Following the demise of Aptera and Bright Automotive, it’s time to give a good hard look at Wheego Electric Cars. It’s Wheego, definitely the tiniest and least well-capitalized of the three, that’s still ticking — and a big reason for that is its small-is-beautiful philosophy.
Wheego, based in Atlanta, makes the two-passenger LiFe, a Smart-sized car sourced from China, with electric drivetrain and batteries installed in California. That’s the same basic formula as the much higher-profile Coda, the first of which began rolling off the assembly line in Benicia, Calif., on Monday.
The LiFe, which I’ve driven in California and Atlanta, isn’t going to blow anybody away with performance or high-tech add-ons. Its 30-kilowatt-hour lithium battery pack is coupled to a 60-horsepower electric motor. Top speed is 65 mph, and you get there eventually. The air-conditioning is optional. It’s a commuter car, priced at $32,995.
Wheego is on the market, though not in a big way: The company has built precisely 36 cars since the first one rolled out for Earth Day 2011, and has sold something like 34 of them, says Mike McQuary (right), the ex-Internet entrepreneur and music business maven who heads the company. “Our dealers [I count 27, from Tokyo to Arundel, Maine] are clamoring for cars,” he told me. “Three quarters of our dealers have never had a car, but they’re being very patient with our strategy.” And that strategy has been to build cars only when it gets the money — whether through venture capital or selling out its inventory.
The market for two-seat cars is pretty limited, but Wheego is planning to add a crossover vehicle chosen from among three contending Chinese manufacturers. It won’t appear tomorrow — getting the new car through crash testing will probably take two years.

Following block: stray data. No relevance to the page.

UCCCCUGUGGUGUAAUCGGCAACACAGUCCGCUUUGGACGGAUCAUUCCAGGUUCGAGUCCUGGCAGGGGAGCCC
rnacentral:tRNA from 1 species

I gotta say that Wheego is playing it smart, given that the market is moving slowly anyway. Here's the first car being delivered to the West Coast:
The company has precisely 7.5 employees (including McQuary), up from five the last time I asked. Both Aptera and Bright expended a lot of resources reaching for the brass ring — Department of Energy Advanced Technology Vehicles Manufacturing (ATVM) funding. The Department of Energy manages a pot of $25 billion and has spent only $8 billion of it (Tesla and Fisker were both recipients, with more than $500 million each).
It’s really tempting to go after that money, but in the wake of Solyndra and in an election year, the DOE is playing it super-careful. It just turned down long-term contender Carbon Motors (which wanted $310 million to build green police cars), and has committed only $50 million in funding since its big commitment to Fisker in 2009.
Wheego’s problem with the DOE was, again, thinking too small. “We initially sought DOE funding, but the feedback was that we needed to be more oriented towards job development,” McQuary said. “But our ambition was never to create a full-on assembly plan that involved forging meta. We think we have a viable business plan for building electric cars, but it really doesn’t create a lot of jobs. So the DOE came back to us and asked us if we wanted to rewrite the plan to make it more aggressive in terms of job creation. But we opted instead to keep our integrity — we didn’t want to be disingenuous on our application. And, frankly, we’ve always had just enough funding to get to the next stage. Not getting the loan has made us a tougher company, and very smart at how we deploy capital.”
Wheego is a tortoise, but the hares aren’t faring so well. “I see us as a company that creeps out instead of leaping out,” McQuary said. And 36 cars is definitely creeping out. Michael Brylawski, a vice president at the lamented Bright (which made a really useful plug-in hybrid cargo van), told me that the ATVM process distorted the market for private capital. If you didn’t get a DOE loan, he said, the markets looked askance at your prospects.
McQuary agrees. “Companies like Tesla and Fisker, which got the loans, have been better able to raise follow-up capital,” he said. “But at this point I’m hoping all the companies succeed, because a rising tide will lift up all our boats. I’m rooting for Coda to get its car on the road, and I’m rooting for Tesla’s Model S, too.”
More flush times could be ahead for Wheego. McQuary told me he closed a deal with a major investor last week. “When people learn who it is, it will really increase market confidence in us,” he said. The company has prospects, and a more diverse product line in the wings.
But if Wheego in fact doesn’t make it, no huge mess will have been created. McQuary would only have to lay off 6.5 people. And the CEO has a fallback job — he runs Brash Music, an Atlanta-based record label with an eclectic roster. This year, a contemporary Christian album it issued won a Grammy nomination.
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